We have this idea that we need to drive on with the citizens' assembly, that it represents everyone, that we will have a border poll and all will be rosy. That is where I separate from Ireland's Future because we have a great deal of work to do to build trust in Northern Ireland. We cannot afford to have a border poll without gaining that trust. That is achievable. We have one shot at doing this right. I do not disagree on the question of a citizens' assembly but I believe the work being done at the moment by the shared island unit, as presented to us two weeks ago, is over and above what a citizens' assembly would do. Currently, the unit is reaching out to more than 130 community groups. I would like organisations such as Ireland's Future that represent nationalist views to take on and do more of what the shared island unit is doing by going into unionist and loyalist communities or to consider going into loyalist heartlands and have these conversations with the people there. They should bring in speakers from those backgrounds. Ireland's Future could do tremendous work by taking that approach.

Mr. Murphy's colleague, Colin Harvey, came in. I was critical of him when he presented an EU paper because it was not an EU paper and he had not consulted widely with unionists. Mr. Murphy and Professor Harvey could do critical work. I would like to hear Mr. Murphy's opinion about that. Is he open to doing that kind of work?

Mr. Niall Murphy

We are absolutely open to working with anybody who is content to discuss the future constitutional well-being of this island. However, I want to correct immediately the assertion that the Senator has now made in this public forum that Ireland's Future is connected to a political party. I took time to prepare the detailed literature we have published to allow it to be circulated to the members of the committee in advance of this meeting. I am not sure if Senator Blaney received that literature in time or if he had the opportunity to read and reflect on it. All our public pronouncements, made on the public record, make crystal clear that we have no affiliation to any political party.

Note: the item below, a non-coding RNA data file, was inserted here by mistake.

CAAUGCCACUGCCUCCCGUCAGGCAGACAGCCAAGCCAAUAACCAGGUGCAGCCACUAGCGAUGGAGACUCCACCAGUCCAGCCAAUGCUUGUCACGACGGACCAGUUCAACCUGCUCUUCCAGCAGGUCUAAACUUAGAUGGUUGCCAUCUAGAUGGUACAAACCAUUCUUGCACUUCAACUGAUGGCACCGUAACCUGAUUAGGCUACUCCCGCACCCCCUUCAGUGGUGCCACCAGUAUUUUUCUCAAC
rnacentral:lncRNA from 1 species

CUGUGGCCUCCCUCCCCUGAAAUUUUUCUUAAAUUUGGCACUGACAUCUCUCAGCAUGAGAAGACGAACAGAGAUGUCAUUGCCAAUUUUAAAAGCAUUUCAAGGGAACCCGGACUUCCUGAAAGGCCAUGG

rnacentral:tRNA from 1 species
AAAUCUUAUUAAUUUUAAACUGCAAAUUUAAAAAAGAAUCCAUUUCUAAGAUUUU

It will be appreciated, however, that our focus is on the constitutional future of the island and in so far as that is the case, we will of course consult political parties. We have consulted Sinn Féin, as we have consulted the SDLP, the Alliance Party and Fine Gael. I had an exceptional couple of hours in Belfast two years ago with a delegation of ten members from Fine Gael. I have not had the opportunity to speak with representatives of Fianna Fáil on that same basis and I would welcome the opportunity to do so. If Senator Blaney is able to pull together a delegation for me to meet, I will come to the South. As a Donegal man, the Senator is from the north.

Mr. Niall Murphy

He is closer to me than he may think. I would welcome the opportunity to discuss our organisation in more detail with representatives from Senator Blaney's party.

On the Senator's more substantive point, we will do all we can, we will speak to anybody anywhere and we are open to any invitation. We have never refused an invitation. As I said, we have undertaken and are undertaking confidential conversations and I hope we will be able to take those conversations into the public sphere.

One concept on which the Senator touched was the issue of fears, concerns and sensitivities. I wholly appreciate that as we step into a new era, we must be genuinely sensitive to people's fears and concerns. That works two ways, however. Some of the irrational, illogical fears the Senator expressed in respect of our organisation might be true of how people in the North sometimes consider that our sensitivities are assessed and managed in the South. In recent months, we have seen Irish citizenship being made a mockery of, with citizens born on this island being told that while they might think they are Irish, they are not and are actually British. That Emma de Souza had to go to court to confirm that and was exposed to great financial jeopardy for asserting that most fundamental principle was a disgrace and a mockery. That happened in court.

We have seen the Good Friday Agreement all but torn up in front of our eyes at the despatch box by a member of Her Majesty's Government when he said the British Government would break international law to do what it wanted. We have seen our rights as European Union citizens discarded against our democratically expressed wishes. We have seen victims of our conflict treated with contempt by the British Government when it tore up the Stormont House Agreement. We have seen our cultural rights being bartered in respect of Acht na Gaeilge, the Irish language Act, in circumstances where that had been agreed by all the political parties in the New Decade, New Approach document. Sensitivities operate in both directions. When one sees the Stormont House Agreement, New Decade, New Approach and the Good Friday Agreement being cherry-picked, à la carte, that is a very difficult position to tolerate.

I hate to interrupt anybody, and I apologise for doing so, but we have only a few minutes left. I will allow Senator Blaney to reply to some of those charges, or however they might be described.

Senator McGreehan will contribute next.

That is fine.